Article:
NFL Owners Agree To Consider Letting Players Use Medical Marijuana
The NFL's new chief medical officer says marijuana could be "really important" in treating short-term and chronic pain.
The National Football League is back in action this weekend—if you count preseason games as "action"—after taking a tiny step toward maybe, possibly, someday letting players use marijuana to treat pain.
NFL owners agreed to work together with the NFL Players Association on a study to determine the effectiveness of marijuana as a medical treatment. Yes, there have already been numerous studies on the medical value of marijuana—29 states have legalized the drug for that reason—but this seemingly small step is a pretty big shift for the league, which has always maintained a strict prohibitionist stance on pot.
"Certainly the research about marijuana and really more particularly cannabinoid compounds as they may relate to the treatment of both acute and chronic pain, that is an area of research that we need a lot more information on and we need to further develop," Allen Sills, a Vanderbilt University neurosurgeon hired earlier this year to be the NFL's chief medical officer, said in an interview with The Washington Post. Sills said examining the feasibility of players using marijuana to manage the pain that comes from repeated full-speed collisions with other muscle-bound athletes was "really important" to players' long term health.
While the NFL has never allowed players to use marijuana for any reason—the players' union is also reportedly seeking reduced punishments for recreational use as well—there is a well-documented history of teams handing out pharmaceutical pain-killers by the handful. The NFL currently is fighting a lawsuit from several former players who allege that official team doctors literally handed out piles of opioids and other painkillers—ignoring federal laws for prescription drugs and disregarding medical guidance—before, during, and after games.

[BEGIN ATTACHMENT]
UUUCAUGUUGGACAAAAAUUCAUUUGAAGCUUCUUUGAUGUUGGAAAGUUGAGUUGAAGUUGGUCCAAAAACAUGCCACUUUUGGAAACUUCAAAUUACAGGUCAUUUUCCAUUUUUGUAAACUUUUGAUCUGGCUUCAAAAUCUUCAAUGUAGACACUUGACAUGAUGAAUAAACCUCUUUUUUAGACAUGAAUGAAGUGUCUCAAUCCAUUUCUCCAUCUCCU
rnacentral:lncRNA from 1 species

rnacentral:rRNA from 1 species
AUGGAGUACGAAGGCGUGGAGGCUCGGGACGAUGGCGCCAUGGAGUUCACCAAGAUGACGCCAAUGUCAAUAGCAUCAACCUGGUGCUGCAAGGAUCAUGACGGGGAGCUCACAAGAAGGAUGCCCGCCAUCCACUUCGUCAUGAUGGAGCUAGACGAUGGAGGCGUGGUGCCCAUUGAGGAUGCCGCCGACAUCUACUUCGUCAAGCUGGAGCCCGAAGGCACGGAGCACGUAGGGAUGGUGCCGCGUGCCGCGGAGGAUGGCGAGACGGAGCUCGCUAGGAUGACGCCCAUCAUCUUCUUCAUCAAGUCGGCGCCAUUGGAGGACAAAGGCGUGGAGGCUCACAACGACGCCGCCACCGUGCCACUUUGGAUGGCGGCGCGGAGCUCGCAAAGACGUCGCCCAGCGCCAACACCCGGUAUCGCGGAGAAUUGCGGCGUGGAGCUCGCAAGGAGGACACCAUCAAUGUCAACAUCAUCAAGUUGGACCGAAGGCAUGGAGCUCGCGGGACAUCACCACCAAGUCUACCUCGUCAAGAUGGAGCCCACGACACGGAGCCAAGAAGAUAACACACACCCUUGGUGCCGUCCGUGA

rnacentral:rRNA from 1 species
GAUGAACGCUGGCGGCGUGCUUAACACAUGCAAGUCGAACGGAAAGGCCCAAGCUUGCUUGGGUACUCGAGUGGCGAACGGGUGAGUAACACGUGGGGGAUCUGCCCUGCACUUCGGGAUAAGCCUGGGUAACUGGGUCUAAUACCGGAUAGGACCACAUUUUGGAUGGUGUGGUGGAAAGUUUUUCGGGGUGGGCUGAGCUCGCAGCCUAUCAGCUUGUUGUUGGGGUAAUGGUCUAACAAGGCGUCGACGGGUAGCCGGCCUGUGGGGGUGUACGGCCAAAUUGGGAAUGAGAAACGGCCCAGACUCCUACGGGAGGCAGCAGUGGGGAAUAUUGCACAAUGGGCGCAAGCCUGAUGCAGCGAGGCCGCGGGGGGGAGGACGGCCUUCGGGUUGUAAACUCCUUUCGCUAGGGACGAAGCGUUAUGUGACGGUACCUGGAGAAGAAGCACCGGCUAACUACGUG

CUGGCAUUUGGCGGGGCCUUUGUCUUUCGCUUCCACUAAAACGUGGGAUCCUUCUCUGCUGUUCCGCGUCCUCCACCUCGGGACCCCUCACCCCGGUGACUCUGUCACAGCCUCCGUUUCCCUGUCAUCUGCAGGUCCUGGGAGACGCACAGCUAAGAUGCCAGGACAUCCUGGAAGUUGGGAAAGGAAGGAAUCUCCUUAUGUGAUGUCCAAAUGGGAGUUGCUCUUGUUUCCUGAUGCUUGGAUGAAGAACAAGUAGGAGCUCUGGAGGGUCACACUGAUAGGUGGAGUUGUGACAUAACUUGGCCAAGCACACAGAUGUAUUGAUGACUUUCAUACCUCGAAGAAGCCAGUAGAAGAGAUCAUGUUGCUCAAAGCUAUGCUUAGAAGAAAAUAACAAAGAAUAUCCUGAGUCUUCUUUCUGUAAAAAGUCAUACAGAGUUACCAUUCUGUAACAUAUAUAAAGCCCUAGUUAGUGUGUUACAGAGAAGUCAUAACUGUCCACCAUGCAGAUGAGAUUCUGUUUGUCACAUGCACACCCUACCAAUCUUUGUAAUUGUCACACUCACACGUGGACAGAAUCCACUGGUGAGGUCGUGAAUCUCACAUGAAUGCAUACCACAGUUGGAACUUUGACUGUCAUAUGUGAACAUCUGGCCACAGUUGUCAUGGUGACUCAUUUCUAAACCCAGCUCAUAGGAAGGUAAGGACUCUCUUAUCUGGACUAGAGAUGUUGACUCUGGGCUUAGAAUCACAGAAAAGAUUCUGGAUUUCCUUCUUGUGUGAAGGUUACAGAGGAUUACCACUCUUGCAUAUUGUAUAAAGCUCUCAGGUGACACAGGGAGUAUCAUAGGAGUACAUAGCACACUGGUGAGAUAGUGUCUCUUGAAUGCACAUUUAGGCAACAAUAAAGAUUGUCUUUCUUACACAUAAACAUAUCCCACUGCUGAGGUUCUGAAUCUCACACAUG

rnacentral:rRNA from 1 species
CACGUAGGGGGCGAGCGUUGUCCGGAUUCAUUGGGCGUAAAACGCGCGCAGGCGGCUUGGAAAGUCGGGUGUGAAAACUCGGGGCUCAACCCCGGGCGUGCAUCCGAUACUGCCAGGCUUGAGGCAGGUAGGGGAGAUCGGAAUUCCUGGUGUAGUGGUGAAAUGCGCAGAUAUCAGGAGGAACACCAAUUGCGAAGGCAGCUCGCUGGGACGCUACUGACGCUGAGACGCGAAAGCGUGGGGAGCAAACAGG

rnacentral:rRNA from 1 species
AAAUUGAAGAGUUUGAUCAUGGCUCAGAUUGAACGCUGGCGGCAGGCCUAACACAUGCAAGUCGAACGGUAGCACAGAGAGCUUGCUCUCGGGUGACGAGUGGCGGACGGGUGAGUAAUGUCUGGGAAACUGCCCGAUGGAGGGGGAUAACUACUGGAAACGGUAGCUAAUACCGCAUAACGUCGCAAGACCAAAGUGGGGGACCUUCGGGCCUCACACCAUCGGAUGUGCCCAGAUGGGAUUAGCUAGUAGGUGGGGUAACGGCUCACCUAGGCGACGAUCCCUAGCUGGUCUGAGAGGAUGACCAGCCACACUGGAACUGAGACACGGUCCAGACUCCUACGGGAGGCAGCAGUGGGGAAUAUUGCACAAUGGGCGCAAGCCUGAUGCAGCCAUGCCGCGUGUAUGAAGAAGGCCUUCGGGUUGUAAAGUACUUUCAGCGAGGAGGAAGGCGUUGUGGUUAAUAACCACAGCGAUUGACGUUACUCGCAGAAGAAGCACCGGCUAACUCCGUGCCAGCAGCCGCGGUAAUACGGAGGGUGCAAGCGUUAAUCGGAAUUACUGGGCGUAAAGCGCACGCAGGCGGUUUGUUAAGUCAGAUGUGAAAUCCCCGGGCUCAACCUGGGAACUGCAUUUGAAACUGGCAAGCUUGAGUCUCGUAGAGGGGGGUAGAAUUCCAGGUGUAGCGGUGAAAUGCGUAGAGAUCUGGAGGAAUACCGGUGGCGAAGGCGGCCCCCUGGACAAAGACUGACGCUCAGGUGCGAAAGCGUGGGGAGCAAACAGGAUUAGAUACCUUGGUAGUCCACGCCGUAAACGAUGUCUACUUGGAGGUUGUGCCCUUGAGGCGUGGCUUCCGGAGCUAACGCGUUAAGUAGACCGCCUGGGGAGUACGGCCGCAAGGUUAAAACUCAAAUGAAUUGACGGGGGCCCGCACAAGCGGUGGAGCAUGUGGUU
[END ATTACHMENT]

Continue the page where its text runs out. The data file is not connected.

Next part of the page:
"The medicine being pumped into these guys is just killing people," former player Nate Jackson told Rolling Stone last year, as part of an excellent piece on the league's nonsensical marijuana rules and how they've led to an over-reliance on opioids.
The NFL's slowly changing stance on the issue comes a few months after Jerry Jones, the Dallas Cowboys' owner and possibly the most powerful billionaire in the NFL's inner circle of powerful billionaires, floated the idea of loosening the ban on marijuana.
Much as it pains me to admit it, Jones is absolutely right. The NFL's anti-marijuana stance simply doesn't make sense as more state governments adopt more liberal views toward medical and recreational weed. A player on the Seattle Seahawks or Denver Broncos (or any of the California-based teams in the league) can buy and use marijuana legally in the state where he spends most of his time during the season, but could face a suspension and a fine if he's caught with it in his system.
Twenty of the 32 NFL teams play in states where medical marijuana is legal. This, too, mirrors the society-wide debate over the relationship between legal recreational weed and employment contracts that prohibit the use of marijuana. The league, and individual teams, are within their rights to require certain behavior from their players as a condition of employment, of course, but given the NFL's troubled history with punishing more serious offenses like, say, serial sexual assaults or domestic violence by star players, enforcing an absolute prohibition against marijuana use seems like it should be a lesser priority.
Sills seems to recognize the NFL is both influenced by the changing views on marijuana in society, and in a position to reinforce that shift.
"These really aren't just football issues," Sills told the Post. "These are society issues, right? We know right now that as a society that the treatment of both acute and chronic pain is a huge public health problem.
"But I think that we in professional sports are in a unique position to help inform the public and to do research and really advance our state of understanding about this issue," he added.